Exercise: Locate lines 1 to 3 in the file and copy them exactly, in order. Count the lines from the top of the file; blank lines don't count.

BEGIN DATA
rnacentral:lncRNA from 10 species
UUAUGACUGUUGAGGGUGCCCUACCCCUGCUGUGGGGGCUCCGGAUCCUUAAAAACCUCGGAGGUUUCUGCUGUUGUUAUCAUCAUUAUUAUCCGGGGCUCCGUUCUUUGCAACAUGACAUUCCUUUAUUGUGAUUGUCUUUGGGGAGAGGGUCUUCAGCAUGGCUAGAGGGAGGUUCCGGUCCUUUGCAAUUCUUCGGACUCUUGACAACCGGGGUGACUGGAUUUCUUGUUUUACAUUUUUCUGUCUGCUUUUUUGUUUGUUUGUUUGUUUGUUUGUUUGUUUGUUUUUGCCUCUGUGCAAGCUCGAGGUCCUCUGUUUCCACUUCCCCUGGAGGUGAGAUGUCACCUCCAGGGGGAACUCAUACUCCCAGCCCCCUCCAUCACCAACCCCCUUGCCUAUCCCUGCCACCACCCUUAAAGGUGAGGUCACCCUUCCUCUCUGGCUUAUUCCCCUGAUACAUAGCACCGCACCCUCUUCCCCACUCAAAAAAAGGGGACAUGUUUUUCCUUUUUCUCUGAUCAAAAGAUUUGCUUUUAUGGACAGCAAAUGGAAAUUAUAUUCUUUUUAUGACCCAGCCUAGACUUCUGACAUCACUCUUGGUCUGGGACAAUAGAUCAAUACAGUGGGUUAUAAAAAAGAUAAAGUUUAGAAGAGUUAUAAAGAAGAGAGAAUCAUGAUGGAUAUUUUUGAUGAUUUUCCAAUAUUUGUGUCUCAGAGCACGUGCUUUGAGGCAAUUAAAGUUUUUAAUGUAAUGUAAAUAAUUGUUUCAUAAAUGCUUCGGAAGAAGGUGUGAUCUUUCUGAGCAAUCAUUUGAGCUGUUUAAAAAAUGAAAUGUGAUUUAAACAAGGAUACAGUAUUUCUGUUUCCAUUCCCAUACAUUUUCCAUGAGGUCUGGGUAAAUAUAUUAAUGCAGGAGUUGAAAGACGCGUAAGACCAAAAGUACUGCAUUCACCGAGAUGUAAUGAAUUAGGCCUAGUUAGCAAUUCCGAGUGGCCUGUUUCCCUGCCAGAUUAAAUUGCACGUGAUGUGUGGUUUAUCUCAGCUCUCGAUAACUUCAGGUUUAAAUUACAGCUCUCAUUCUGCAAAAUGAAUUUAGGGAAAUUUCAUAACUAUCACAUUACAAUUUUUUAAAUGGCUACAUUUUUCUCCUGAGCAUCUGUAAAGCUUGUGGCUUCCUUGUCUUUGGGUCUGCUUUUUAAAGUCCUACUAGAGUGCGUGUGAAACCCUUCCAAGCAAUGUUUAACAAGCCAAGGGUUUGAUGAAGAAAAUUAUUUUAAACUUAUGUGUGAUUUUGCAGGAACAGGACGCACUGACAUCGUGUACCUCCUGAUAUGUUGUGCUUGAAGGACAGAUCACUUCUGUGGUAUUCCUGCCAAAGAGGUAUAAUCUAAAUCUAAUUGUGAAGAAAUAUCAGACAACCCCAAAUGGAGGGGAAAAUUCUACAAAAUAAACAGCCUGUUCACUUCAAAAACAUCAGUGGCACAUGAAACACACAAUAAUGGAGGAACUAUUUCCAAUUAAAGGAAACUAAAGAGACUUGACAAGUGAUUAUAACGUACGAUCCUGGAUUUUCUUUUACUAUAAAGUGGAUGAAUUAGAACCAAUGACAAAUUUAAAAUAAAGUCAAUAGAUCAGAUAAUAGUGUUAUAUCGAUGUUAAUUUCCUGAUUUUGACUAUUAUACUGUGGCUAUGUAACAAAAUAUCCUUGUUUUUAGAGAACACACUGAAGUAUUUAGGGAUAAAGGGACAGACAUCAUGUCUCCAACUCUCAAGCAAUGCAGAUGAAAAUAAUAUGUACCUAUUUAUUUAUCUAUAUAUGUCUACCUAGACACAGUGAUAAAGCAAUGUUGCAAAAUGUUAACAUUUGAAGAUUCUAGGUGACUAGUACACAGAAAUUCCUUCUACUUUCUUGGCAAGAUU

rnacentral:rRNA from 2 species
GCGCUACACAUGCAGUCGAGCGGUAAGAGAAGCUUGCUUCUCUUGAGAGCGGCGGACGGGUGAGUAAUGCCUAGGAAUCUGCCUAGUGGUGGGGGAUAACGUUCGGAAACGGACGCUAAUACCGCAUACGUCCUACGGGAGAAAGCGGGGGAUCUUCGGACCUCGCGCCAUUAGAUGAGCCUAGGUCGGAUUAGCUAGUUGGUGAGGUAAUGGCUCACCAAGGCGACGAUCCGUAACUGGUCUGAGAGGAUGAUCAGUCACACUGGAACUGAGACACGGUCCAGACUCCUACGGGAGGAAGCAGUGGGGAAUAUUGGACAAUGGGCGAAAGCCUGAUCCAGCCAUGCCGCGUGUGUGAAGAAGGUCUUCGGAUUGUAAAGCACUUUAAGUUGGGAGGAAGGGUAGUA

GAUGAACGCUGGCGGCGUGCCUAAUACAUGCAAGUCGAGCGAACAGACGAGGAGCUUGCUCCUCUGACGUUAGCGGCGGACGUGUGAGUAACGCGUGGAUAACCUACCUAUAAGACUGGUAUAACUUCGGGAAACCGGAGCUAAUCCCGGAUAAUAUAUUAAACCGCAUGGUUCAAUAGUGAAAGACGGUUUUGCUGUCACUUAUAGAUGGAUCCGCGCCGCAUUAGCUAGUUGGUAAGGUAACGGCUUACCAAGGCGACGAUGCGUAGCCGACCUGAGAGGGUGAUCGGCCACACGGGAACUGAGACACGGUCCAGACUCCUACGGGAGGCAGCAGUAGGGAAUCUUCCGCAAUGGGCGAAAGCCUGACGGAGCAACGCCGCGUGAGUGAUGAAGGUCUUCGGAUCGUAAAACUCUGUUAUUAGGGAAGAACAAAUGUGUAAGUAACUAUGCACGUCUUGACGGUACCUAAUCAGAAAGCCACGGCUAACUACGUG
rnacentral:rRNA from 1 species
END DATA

rnacentral:lncRNA from 10 species
UUAUGACUGUUGAGGGUGCCCUACCCCUGCUGUGGGGGCUCCGGAUCCUUAAAAACCUCGGAGGUUUCUGCUGUUGUUAUCAUCAUUAUUAUCCGGGGCUCCGUUCUUUGCAACAUGACAUUCCUUUAUUGUGAUUGUCUUUGGGGAGAGGGUCUUCAGCAUGGCUAGAGGGAGGUUCCGGUCCUUUGCAAUUCUUCGGACUCUUGACAACCGGGGUGACUGGAUUUCUUGUUUUACAUUUUUCUGUCUGCUUUUUUGUUUGUUUGUUUGUUUGUUUGUUUGUUUGUUUUUGCCUCUGUGCAAGCUCGAGGUCCUCUGUUUCCACUUCCCCUGGAGGUGAGAUGUCACCUCCAGGGGGAACUCAUACUCCCAGCCCCCUCCAUCACCAACCCCCUUGCCUAUCCCUGCCACCACCCUUAAAGGUGAGGUCACCCUUCCUCUCUGGCUUAUUCCCCUGAUACAUAGCACCGCACCCUCUUCCCCACUCAAAAAAAGGGGACAUGUUUUUCCUUUUUCUCUGAUCAAAAGAUUUGCUUUUAUGGACAGCAAAUGGAAAUUAUAUUCUUUUUAUGACCCAGCCUAGACUUCUGACAUCACUCUUGGUCUGGGACAAUAGAUCAAUACAGUGGGUUAUAAAAAAGAUAAAGUUUAGAAGAGUUAUAAAGAAGAGAGAAUCAUGAUGGAUAUUUUUGAUGAUUUUCCAAUAUUUGUGUCUCAGAGCACGUGCUUUGAGGCAAUUAAAGUUUUUAAUGUAAUGUAAAUAAUUGUUUCAUAAAUGCUUCGGAAGAAGGUGUGAUCUUUCUGAGCAAUCAUUUGAGCUGUUUAAAAAAUGAAAUGUGAUUUAAACAAGGAUACAGUAUUUCUGUUUCCAUUCCCAUACAUUUUCCAUGAGGUCUGGGUAAAUAUAUUAAUGCAGGAGUUGAAAGACGCGUAAGACCAAAAGUACUGCAUUCACCGAGAUGUAAUGAAUUAGGCCUAGUUAGCAAUUCCGAGUGGCCUGUUUCCCUGCCAGAUUAAAUUGCACGUGAUGUGUGGUUUAUCUCAGCUCUCGAUAACUUCAGGUUUAAAUUACAGCUCUCAUUCUGCAAAAUGAAUUUAGGGAAAUUUCAUAACUAUCACAUUACAAUUUUUUAAAUGGCUACAUUUUUCUCCUGAGCAUCUGUAAAGCUUGUGGCUUCCUUGUCUUUGGGUCUGCUUUUUAAAGUCCUACUAGAGUGCGUGUGAAACCCUUCCAAGCAAUGUUUAACAAGCCAAGGGUUUGAUGAAGAAAAUUAUUUUAAACUUAUGUGUGAUUUUGCAGGAACAGGACGCACUGACAUCGUGUACCUCCUGAUAUGUUGUGCUUGAAGGACAGAUCACUUCUGUGGUAUUCCUGCCAAAGAGGUAUAAUCUAAAUCUAAUUGUGAAGAAAUAUCAGACAACCCCAAAUGGAGGGGAAAAUUCUACAAAAUAAACAGCCUGUUCACUUCAAAAACAUCAGUGGCACAUGAAACACACAAUAAUGGAGGAACUAUUUCCAAUUAAAGGAAACUAAAGAGACUUGACAAGUGAUUAUAACGUACGAUCCUGGAUUUUCUUUUACUAUAAAGUGGAUGAAUUAGAACCAAUGACAAAUUUAAAAUAAAGUCAAUAGAUCAGAUAAUAGUGUUAUAUCGAUGUUAAUUUCCUGAUUUUGACUAUUAUACUGUGGCUAUGUAACAAAAUAUCCUUGUUUUUAGAGAACACACUGAAGUAUUUAGGGAUAAAGGGACAGACAUCAUGUCUCCAACUCUCAAGCAAUGCAGAUGAAAAUAAUAUGUACCUAUUUAUUUAUCUAUAUAUGUCUACCUAGACACAGUGAUAAAGCAAUGUUGCAAAAUGUUAACAUUUGAAGAUUCUAGGUGACUAGUACACAGAAAUUCCUUCUACUUUCUUGGCAAGAUU

rnacentral:rRNA from 2 species